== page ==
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From Sun Tzu to Xbox: War and Videogames

From Sun Tzu to Xbox is a definitive history of the longstanding relationship between games and military culture, from wargaming's roots in ancient civilizations, to the Cold War development of computing for battle, to a recent crop of Pentagon-funded shoot-'em-ups, big-budget commercial titles and homemade hacks.
From Sun Tzu to Xbox: War and Videogames
From Sun Tzu to Xbox: War and Videogames
This episode is work safe.

Interview with Ed Halter, author of From Sun Tzu to Xbox: War and Videogames.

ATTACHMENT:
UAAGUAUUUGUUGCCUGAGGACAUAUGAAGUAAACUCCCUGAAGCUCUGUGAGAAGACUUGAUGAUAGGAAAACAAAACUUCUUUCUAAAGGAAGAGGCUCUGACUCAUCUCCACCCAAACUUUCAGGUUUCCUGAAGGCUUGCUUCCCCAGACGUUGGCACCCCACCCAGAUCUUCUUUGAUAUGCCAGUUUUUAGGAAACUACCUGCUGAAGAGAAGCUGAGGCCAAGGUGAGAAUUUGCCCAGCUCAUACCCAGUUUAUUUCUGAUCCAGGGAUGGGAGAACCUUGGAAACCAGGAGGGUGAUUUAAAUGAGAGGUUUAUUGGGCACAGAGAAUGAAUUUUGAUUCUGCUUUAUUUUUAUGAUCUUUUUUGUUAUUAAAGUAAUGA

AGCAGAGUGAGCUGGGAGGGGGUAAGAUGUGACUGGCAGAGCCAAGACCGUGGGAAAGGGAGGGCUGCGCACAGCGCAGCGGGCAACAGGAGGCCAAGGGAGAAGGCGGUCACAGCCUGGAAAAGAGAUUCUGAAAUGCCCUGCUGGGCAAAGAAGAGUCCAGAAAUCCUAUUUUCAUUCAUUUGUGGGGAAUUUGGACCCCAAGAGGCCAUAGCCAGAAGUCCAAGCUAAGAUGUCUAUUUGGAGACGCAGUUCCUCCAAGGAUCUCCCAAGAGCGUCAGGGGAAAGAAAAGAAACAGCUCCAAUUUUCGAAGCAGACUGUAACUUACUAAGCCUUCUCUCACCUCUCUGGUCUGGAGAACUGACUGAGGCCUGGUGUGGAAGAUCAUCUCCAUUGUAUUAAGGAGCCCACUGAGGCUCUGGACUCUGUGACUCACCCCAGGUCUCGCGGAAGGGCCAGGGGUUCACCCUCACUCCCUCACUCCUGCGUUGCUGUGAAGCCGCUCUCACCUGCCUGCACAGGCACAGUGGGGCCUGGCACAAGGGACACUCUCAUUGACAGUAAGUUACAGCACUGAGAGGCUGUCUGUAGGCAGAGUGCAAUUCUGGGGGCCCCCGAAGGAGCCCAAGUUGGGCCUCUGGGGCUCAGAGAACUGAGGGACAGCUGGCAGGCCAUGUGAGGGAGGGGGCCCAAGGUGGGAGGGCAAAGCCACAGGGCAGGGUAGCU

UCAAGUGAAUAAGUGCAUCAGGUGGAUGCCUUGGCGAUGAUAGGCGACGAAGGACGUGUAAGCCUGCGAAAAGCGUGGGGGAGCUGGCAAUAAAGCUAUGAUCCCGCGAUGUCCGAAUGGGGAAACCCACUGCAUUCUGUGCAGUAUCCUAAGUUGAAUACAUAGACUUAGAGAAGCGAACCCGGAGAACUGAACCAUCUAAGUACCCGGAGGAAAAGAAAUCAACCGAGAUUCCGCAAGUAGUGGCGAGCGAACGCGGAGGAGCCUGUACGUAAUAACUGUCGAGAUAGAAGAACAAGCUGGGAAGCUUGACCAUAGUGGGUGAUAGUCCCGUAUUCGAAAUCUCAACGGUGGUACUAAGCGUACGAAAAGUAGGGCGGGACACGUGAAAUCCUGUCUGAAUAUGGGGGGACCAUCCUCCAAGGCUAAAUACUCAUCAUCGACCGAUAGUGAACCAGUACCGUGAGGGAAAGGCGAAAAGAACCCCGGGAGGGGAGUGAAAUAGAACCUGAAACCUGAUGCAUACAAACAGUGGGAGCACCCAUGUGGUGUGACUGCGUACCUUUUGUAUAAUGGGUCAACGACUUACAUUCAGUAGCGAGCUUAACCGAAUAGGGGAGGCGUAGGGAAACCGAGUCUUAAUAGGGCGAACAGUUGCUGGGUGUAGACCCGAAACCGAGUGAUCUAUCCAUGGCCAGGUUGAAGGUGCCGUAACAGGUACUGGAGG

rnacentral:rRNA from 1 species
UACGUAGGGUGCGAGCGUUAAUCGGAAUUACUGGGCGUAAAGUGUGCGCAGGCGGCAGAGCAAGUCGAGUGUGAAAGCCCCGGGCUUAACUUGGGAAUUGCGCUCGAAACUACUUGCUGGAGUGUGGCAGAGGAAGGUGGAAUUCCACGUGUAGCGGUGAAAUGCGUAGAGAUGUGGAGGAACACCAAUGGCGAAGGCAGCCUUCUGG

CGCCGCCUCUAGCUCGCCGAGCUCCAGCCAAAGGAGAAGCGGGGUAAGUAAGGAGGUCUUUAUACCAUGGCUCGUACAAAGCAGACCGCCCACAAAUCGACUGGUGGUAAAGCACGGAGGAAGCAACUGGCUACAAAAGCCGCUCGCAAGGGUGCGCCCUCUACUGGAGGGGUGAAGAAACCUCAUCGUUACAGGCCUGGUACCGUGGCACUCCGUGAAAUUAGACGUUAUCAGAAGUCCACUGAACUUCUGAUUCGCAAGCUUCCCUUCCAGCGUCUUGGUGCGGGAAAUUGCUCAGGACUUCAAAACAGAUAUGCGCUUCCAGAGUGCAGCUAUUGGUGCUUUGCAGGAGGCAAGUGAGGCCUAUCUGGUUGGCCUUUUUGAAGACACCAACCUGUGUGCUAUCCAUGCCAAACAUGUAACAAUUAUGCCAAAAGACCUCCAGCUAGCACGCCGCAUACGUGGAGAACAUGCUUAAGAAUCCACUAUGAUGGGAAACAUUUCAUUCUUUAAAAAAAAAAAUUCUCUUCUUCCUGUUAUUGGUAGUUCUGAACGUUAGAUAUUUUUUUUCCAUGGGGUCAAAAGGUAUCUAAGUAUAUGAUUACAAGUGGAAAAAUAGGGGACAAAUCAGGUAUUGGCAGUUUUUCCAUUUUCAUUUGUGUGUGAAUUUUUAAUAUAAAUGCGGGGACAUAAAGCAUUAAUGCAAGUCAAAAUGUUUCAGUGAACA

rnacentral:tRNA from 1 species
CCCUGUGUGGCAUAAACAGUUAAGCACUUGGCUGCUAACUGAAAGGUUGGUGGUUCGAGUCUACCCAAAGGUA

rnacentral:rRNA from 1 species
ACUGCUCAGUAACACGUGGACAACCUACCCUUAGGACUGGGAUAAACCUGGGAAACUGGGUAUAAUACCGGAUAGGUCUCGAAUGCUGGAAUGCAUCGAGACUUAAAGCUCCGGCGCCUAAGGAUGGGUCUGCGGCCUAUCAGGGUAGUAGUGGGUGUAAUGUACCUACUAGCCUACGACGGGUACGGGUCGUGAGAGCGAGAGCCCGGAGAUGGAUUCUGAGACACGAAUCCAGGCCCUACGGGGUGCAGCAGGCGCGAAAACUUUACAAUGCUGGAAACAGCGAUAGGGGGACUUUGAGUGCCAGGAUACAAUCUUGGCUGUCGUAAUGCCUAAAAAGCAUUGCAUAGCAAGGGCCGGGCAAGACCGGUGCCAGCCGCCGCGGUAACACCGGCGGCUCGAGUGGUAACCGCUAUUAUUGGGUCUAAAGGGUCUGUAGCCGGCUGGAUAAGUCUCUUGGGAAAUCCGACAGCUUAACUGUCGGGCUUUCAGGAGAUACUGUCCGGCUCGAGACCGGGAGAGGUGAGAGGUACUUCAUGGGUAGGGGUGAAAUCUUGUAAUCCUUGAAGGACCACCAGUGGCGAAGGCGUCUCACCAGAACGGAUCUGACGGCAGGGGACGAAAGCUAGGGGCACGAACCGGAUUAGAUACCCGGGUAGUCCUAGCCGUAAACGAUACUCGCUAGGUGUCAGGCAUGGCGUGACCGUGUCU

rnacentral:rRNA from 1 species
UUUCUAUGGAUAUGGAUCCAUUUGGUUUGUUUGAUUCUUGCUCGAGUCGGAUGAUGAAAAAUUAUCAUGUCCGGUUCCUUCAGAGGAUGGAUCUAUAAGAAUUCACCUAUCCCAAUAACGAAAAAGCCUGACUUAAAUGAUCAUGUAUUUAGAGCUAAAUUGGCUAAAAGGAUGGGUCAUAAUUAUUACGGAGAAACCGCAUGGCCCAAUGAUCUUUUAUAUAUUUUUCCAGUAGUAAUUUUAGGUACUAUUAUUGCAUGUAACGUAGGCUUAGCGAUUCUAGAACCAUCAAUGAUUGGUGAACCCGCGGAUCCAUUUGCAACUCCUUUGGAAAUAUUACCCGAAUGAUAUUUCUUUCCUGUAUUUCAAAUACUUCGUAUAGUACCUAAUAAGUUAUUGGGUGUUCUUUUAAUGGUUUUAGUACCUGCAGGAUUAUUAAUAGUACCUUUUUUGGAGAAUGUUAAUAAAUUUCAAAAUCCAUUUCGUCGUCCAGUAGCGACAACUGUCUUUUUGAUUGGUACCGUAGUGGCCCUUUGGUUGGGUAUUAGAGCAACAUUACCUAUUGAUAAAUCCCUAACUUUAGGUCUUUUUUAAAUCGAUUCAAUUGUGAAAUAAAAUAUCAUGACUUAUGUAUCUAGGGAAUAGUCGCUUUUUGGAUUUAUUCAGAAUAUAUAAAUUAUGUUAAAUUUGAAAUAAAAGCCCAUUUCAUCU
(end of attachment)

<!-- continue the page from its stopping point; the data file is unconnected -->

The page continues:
We discuss why he wrote From Sun Tzu to Xbox: War and Videogames and what the book is about; Grand Theft Auto; 9/11; Top Gun; Conflict: Desert Storm, America's Army and Full Spectrum Warrior; writing the initial article for the Village Voice; the history of war games; chess and kriegspiel; H.G. Wells; anti-wargames; Josh On's They Rule; the impact of war game snot steeped in nationalism or based on historical events like Quake, Halo and World of Warcraft; the Vietcong video game; comedian David Cross on violence in video games and rap music; war video games in other countrie; Under Ash; video games as a weapon for cultural wars; what people from the military have said about From Sun Tzu to Xbox: War and Videogames; the US military's current plans for video games; Counter-Strike; his favorite war based video game; why he chose Xbox over PlayStation in the title of his book.